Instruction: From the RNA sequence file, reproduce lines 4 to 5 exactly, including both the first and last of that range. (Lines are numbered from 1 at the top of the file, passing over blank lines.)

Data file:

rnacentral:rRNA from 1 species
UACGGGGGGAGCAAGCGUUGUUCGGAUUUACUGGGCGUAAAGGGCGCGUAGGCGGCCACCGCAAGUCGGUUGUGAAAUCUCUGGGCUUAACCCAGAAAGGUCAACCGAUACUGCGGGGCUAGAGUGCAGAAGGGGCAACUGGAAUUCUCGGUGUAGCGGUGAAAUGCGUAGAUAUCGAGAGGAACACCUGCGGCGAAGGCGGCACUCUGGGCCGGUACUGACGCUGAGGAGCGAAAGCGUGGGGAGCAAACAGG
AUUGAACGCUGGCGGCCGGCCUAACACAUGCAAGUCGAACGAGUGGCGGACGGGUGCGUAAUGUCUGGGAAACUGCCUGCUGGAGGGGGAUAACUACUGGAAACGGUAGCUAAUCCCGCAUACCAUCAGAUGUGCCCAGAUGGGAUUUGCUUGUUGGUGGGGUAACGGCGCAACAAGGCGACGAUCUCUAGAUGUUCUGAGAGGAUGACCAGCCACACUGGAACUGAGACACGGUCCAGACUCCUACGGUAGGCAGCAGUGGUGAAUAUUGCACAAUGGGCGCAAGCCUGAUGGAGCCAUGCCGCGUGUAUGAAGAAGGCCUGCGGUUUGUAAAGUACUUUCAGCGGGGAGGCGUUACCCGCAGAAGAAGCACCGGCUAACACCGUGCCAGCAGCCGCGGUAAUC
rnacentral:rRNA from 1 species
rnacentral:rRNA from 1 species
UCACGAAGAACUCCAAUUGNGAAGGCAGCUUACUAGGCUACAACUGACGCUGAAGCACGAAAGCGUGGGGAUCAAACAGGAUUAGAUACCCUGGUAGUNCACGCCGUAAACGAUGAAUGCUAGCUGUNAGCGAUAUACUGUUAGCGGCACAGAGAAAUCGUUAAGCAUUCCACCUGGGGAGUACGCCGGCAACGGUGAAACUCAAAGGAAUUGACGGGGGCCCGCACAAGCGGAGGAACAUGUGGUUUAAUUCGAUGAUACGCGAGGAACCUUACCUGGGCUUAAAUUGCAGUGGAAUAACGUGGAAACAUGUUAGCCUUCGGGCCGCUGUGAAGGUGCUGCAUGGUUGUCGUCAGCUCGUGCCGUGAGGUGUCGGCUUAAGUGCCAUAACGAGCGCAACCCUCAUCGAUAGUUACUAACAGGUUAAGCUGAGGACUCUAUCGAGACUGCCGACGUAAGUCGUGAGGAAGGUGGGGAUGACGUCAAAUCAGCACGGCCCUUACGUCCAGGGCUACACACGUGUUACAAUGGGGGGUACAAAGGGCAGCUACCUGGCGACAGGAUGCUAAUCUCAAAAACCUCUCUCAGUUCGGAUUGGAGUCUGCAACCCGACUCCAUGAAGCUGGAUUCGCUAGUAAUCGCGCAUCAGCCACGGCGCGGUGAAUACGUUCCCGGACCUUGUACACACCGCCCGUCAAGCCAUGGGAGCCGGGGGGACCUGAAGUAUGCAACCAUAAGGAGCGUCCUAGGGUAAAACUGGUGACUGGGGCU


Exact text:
rnacentral:rRNA from 1 species
rnacentral:rRNA from 1 species